So, forgive me, but I am one of the pumpkin people. I love pumpkin pie. I love pumpkin cookies. I love everything pumpkin. I even like the latte everybody loves to hate, though they are so sweet that I usually only get one per year. I could eat pumpkin every day in various forms.
It’s people like me that are probably the reason there are pumpkin Oreos, or whatever the newest abomination is. Sorry. Kind of. But I’ve been that way since I was a kid. Just ask my mama!
I don’t actually eat pumpkin every day, though. Even when awesome fall sales bring the cost down to $1.50 a can, I try to save it for every once in a while. This weekend, it was time.
The brilliant thing about these muffins is that they are very pumpkin-y, but they aren’t that sweet. I’m sure they could satisfy a craving for the sweet.
But I love slathering them with butter and sprinkling coarse salt on top. I am literally salivating as I type this – they’re so good! We might need to make another batch of these very soon. And maybe I’ll have another tonight for a savory “dessert.”
I wrote this morning’s blog post from my hotel room in Los Angeles. Annnd just a few hours later, I’m back in Portland and ready to eat this delicious apple tart.
It’s the last of the produce we have from the Montavilla Farmers Market, which I volunteer on the board for. It makes me sad to that the regular market season is over, but I’m really treasuring this tart. Of all of the things I made with things from the market this year, it’s one of my favorites.
I wish I could eat it but not have it be gone. Hm, isn’t there some kind of a phrase about that?
What a restorative weekend it has been. Dave and I worked hard on a photoshoot for a client, but after we did our work (which turned out to be amazing!!) we unwound with a Mediterranean feast with our friends, a few beers and a day at home, cooking some of our favorite seasonal treats.
Starting with fresh cranberries.
Fall is really here for real – something I was fighting for a long time but now I’m fully on board. Bring on the boots, scarves and sweaters. And bring on the apples, pears, pumpkins and other seasonal produce. I mean, look at these beautiful berries. They’re grown in Oregon, you know. Just another reason it’s fun to use the fresh ones as often as possible.
In these muffins, the orange flavor is light and in the background, and the sweet batter is a great contrast to the tart pop of the berries, which is mellowed a little with the heat from the oven. They’re the perfect combination. I had them for breakfast this morning, and I’m excited to have them again tomorrow! That’s how you know they’re good.
Hooray for the weekend. Everything feels so much less crazy than it did even a couple of days ago.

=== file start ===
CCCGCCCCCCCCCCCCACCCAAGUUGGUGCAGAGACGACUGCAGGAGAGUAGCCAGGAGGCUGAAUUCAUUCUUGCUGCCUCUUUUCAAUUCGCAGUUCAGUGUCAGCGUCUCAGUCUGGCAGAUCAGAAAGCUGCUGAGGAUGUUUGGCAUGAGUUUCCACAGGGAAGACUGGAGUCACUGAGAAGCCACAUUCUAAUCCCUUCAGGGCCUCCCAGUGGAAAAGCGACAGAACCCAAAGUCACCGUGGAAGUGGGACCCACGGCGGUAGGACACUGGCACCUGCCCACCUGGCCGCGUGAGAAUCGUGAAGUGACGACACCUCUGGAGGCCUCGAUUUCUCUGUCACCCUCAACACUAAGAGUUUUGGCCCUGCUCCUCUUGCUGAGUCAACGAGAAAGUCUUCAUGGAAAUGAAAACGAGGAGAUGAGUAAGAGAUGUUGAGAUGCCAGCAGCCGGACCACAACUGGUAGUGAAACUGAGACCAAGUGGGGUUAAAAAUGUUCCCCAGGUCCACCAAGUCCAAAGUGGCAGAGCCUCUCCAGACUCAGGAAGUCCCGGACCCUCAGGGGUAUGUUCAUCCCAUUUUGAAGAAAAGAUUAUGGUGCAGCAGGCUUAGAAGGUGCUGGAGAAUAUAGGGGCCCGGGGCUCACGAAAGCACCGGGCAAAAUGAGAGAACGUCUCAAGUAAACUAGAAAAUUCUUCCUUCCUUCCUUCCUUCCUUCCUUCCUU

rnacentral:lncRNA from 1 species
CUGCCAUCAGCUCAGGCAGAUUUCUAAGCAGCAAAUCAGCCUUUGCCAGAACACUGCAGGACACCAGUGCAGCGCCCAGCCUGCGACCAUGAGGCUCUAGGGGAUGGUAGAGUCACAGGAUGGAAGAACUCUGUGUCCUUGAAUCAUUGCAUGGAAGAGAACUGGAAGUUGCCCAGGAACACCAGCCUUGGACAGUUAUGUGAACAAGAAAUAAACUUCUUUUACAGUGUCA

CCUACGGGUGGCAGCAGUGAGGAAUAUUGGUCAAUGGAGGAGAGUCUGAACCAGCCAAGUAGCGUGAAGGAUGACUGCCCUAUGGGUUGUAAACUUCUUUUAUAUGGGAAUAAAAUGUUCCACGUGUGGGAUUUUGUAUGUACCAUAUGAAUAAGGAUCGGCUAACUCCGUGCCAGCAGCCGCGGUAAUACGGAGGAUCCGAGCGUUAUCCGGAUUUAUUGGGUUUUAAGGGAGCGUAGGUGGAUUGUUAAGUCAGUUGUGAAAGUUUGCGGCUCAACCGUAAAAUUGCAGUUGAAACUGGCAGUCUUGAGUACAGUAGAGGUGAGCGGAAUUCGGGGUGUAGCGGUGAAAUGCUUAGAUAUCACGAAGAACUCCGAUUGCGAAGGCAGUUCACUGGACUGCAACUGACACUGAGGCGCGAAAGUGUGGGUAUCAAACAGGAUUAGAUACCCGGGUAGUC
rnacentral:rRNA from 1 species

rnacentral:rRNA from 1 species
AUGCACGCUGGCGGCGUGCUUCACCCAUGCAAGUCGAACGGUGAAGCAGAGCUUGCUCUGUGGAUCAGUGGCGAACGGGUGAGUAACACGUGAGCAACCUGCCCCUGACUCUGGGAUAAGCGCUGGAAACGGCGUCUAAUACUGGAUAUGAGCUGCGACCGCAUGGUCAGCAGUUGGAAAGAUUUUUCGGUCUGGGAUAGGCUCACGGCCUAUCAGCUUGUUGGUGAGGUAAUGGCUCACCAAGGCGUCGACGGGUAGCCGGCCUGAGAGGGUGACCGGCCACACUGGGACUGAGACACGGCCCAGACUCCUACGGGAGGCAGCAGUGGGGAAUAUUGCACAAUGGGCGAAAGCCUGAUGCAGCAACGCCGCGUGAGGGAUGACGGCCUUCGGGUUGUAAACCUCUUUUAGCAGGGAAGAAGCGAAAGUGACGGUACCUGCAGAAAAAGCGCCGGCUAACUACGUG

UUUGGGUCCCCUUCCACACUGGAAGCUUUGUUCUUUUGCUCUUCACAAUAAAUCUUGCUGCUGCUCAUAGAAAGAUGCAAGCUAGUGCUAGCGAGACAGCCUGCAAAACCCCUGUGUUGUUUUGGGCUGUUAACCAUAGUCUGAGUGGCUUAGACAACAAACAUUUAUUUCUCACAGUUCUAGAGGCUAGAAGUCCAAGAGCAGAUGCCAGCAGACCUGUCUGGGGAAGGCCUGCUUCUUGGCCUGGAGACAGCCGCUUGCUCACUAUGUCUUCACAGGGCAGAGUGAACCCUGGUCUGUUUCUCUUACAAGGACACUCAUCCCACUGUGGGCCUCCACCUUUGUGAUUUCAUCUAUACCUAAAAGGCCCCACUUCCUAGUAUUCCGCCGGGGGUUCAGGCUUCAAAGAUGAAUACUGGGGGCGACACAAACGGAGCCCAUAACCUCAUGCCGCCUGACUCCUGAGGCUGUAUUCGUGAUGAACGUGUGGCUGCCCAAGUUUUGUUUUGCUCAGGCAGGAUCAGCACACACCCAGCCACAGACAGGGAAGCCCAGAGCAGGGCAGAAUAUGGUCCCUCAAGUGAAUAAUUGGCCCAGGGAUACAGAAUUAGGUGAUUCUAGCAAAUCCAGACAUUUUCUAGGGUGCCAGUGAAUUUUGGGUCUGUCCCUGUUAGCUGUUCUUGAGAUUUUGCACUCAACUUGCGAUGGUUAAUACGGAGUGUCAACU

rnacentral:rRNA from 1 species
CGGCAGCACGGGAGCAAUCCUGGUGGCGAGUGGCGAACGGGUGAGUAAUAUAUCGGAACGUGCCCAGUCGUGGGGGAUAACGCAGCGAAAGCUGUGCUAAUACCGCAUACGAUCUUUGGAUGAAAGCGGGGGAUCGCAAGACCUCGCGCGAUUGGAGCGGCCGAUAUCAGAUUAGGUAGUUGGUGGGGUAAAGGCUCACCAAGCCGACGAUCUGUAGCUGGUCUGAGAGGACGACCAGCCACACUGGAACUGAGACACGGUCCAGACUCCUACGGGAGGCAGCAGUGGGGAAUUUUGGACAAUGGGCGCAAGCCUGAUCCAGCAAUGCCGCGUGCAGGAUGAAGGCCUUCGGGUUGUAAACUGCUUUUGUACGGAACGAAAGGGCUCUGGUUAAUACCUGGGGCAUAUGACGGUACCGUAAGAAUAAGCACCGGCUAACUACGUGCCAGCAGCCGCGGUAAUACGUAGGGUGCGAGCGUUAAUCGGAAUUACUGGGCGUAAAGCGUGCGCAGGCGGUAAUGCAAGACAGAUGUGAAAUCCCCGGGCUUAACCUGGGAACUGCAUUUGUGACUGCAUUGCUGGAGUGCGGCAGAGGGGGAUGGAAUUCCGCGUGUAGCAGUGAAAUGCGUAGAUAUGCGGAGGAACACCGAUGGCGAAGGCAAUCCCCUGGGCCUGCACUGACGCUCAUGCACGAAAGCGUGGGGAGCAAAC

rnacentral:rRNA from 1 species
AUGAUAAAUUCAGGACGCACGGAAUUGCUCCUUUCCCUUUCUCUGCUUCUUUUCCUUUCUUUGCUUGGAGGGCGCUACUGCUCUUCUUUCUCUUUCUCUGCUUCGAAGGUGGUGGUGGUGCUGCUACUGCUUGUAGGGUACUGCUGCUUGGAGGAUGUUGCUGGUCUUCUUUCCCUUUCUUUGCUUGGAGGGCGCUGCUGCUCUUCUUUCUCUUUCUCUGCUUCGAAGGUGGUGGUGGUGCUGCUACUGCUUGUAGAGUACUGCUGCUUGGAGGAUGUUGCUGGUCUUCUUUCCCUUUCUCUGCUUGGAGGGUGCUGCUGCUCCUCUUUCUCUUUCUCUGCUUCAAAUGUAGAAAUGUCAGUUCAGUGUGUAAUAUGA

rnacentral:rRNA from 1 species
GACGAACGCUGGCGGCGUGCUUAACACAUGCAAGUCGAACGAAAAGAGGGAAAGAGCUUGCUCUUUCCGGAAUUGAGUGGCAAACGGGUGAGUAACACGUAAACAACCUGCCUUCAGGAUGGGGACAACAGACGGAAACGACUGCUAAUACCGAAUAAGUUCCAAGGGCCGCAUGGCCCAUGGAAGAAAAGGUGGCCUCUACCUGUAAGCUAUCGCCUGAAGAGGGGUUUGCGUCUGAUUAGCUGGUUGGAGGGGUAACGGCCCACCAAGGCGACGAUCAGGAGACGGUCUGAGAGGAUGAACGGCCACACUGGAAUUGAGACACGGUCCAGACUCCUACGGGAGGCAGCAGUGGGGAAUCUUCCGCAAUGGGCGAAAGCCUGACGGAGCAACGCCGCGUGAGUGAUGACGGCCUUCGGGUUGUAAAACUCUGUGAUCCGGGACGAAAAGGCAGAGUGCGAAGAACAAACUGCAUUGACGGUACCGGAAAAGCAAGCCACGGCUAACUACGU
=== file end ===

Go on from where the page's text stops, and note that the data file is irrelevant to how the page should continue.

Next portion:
Dave and I worked cooking, styling and photographing on a shoot for a client this weekend, but we also saw Gone Girl (it’s an excellent adaptation of the book, but be forewarned that all of the characters are terrible people.) We met friends to watch the world series (go Royals!!) and we ran errands. I harvested several pounds of tomatoes from the garden, even though it’s almost November.
And, of course, we cooked for ourselves a little, too.
You can make these cinnamon-y scones with chocolate chips, but now that I know you can get bulk hunks of dark chocolate at Winco for WAY cheap, I tend to use that instead!
It’s way more fun to have big old chocolate chunks in your pastries, don’t you think?
There is absolutely nothing better than lingering over breakfast.
Today (yesterday to you probably by know) was the last day Dave’s parents were with us in town. They have a very early flight back to Florida. After spending a very busy weekend having fun in Seattle and at Mount St. Helens, we needed a little time to relax.
We slept so well, then Dave and I were up early and decided to get started on breakfast. I made a full Chemex of Coava coffee and Dave and I made this cake.
His parents had taken a day trip to Hood River while staying with us, so we have all kinds of apples. What better way to kick off a fall late breakfast?
Later, when his parents were up, we shared a meandering (and delicious) meal. It was so nice to take it slow. We didn’t have a lot of plans for the day and it did not matter that we hadn’t showered yet. I know we’ll see them again in just a few short weeks for the holidays, but it still feels good to take some time and not be on our way anywhere for some very sweet hours-that-feel-like-minutes.
There was a time when I totally pooh-poohed non-booze apple cider.
“It’s just fresh apple juice, right?” AKA the least interesting choice of juices among what’s usually available at the store. Why would that be exciting?
Well, it turns out that the “apple juice” that is commercially produced bears little resemblance to the cider anymore. It’s been filtered until the flavor and nuance are gone – not to mention the freshness. The tiny particles of apple that make apple cider cloudy or even opaque bring you a bright, less sweet and fresh-out-of-the-orchard flavor. But that fresh-from-the-orchard flavor doesn’t last long, so now is the time to get it.